We called the sports bookie at Bill's Gamblin' Hall & Saloon -- if anyone would let us bet on someone dying, it would be "the wildest hotel and casino in Las Vegas," right? The bookie was not particularly happy with our inquiry. "No, sir... no one's going to take a wager on that, no," he said. Maybe next time 'round the trail, Bill. I'll be hitchin' up my... oh, nevermind.
Then we rang Andrew, an oddsmaker at a prominent Las Vegas firm, who originally said he couldn't help because "somebody [in the front office] has independent control over what happens."
No, Andrew, not will he survive with the team. It's will he survive with a heartbeat.
It was at that point Andrew asked us not to use the name of his company.
"I couldn't, to be honest with you... I couldn't even start to... " he said. "I guess we could do something."
Though he couldn't actually run the numbers for us, he said everything is based on mathematical models. "The numbers kind of depict themselves," he said, adding that, were he inclined to calculate such odds, he'd look at factors that affect life expectancy and extrapolate from there.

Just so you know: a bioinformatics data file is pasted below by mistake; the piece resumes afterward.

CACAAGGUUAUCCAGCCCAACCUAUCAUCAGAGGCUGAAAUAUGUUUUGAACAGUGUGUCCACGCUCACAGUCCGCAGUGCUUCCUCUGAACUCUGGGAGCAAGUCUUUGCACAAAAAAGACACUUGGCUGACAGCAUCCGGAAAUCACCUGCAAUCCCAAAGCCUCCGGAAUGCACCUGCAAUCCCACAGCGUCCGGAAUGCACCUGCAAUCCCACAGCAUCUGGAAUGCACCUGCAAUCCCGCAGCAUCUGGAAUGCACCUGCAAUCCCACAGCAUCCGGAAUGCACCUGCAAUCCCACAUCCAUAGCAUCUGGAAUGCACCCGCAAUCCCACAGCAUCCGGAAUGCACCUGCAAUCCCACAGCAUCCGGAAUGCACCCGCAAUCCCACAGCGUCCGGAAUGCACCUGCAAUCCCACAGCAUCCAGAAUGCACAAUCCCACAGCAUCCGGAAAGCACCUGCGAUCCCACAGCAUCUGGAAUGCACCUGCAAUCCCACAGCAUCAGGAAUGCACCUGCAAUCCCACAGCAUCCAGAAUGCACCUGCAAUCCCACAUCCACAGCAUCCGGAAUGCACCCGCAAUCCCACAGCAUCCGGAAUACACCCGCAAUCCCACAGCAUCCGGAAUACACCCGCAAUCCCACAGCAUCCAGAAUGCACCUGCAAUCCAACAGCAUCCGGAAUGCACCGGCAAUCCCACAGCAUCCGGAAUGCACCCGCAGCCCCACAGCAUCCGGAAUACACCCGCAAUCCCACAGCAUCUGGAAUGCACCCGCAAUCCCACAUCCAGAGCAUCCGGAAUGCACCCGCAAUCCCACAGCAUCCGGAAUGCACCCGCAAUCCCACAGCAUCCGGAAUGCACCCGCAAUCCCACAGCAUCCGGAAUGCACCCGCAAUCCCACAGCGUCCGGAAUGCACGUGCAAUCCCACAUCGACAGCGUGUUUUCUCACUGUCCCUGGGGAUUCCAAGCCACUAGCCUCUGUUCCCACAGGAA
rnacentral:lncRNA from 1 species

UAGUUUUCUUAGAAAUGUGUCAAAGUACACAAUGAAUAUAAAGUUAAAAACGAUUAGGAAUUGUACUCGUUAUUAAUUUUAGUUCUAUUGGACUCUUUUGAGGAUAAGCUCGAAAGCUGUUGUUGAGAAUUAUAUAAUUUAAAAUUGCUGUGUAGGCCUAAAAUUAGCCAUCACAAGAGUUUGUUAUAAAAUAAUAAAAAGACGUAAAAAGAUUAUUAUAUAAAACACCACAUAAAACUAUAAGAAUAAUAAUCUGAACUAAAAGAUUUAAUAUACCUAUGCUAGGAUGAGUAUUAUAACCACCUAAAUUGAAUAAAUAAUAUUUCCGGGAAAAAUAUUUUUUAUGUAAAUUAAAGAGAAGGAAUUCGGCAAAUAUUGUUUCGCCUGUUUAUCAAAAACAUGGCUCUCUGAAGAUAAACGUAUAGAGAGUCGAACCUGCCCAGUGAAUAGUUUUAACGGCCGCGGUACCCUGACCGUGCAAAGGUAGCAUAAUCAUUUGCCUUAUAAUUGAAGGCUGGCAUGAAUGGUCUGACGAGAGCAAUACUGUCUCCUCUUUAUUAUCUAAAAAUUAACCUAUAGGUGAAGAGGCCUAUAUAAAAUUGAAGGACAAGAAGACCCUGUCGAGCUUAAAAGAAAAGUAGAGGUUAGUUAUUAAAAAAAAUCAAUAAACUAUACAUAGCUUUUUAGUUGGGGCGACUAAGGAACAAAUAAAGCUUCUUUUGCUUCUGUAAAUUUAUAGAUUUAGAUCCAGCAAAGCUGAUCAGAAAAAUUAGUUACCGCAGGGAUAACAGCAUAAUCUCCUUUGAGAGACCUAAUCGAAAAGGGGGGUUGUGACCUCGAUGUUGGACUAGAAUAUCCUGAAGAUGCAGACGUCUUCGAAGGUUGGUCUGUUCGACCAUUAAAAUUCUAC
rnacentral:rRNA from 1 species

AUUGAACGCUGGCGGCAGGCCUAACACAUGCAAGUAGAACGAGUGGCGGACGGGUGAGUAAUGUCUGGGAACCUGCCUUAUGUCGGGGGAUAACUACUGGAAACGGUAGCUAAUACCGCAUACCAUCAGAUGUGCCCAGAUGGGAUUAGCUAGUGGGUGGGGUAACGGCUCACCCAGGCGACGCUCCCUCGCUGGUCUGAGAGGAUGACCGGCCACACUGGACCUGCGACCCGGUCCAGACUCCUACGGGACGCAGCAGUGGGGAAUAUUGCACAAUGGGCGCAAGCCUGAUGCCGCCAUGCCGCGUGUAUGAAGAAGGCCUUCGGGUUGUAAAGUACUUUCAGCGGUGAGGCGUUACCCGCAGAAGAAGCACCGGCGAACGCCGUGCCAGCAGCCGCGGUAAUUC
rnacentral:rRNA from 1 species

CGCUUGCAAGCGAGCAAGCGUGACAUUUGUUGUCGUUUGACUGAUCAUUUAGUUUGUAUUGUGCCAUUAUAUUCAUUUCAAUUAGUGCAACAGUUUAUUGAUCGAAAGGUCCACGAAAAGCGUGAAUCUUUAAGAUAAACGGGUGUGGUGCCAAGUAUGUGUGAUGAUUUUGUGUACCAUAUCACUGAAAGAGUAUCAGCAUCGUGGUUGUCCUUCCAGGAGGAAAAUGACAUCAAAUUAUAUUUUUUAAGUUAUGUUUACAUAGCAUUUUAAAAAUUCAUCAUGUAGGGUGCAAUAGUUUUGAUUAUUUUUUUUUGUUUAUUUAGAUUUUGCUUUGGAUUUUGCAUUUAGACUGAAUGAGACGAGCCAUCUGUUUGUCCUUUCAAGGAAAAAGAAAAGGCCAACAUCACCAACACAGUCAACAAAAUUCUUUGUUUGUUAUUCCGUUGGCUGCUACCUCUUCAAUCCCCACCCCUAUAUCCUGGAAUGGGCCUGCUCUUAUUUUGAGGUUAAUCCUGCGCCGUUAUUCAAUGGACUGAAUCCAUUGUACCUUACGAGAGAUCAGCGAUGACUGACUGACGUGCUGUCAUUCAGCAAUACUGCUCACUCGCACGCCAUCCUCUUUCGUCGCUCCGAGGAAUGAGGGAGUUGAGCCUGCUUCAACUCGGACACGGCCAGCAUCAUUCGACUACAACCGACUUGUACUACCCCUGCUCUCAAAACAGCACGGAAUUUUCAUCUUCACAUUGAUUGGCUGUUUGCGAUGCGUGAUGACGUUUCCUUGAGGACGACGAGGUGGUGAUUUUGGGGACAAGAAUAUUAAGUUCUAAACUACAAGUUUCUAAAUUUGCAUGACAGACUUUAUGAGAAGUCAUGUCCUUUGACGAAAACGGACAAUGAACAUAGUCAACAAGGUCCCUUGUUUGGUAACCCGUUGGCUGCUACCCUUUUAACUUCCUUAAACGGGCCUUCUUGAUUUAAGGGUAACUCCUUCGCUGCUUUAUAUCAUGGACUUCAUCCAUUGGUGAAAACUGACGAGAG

"Maybe he's outlived his life expectancy as it is," Andrew said. "Maybe baseball keeps his ticker going... I think [college football coach] Joe Paterno passes away the second he leaves Penn State."
We were getting closer -- a Vegas oddsmaker seemed to think McKeon's old, crusty heart could hold out until October, but he didn't offer anything conclusive. To finally settle the issue, we called Coconut Grove psychic Sandra Richardson, who said she was reluctant to deal with issues of life and death, but then enthusiastically dealt with issues of life and death.
"That's an interesting question," she said. The line went quiet. "Hmm. McKeon, right? And you said he's 80? Hmm. Give me just a moment." She muttered something about verification. Breaths were heavily taken. Cards were flipped.
"In all honesty, in just looking at the cards and stuff, I'm not seeing the death energies, quote-unquote," she said. "I just see a lot of frustrations and stuff."
OK! We've got a manager until the end of the season, though we never did get to put any money on it. Now, the real question -- do the Marlins give a contract to a guy who doesn't buy green bananas?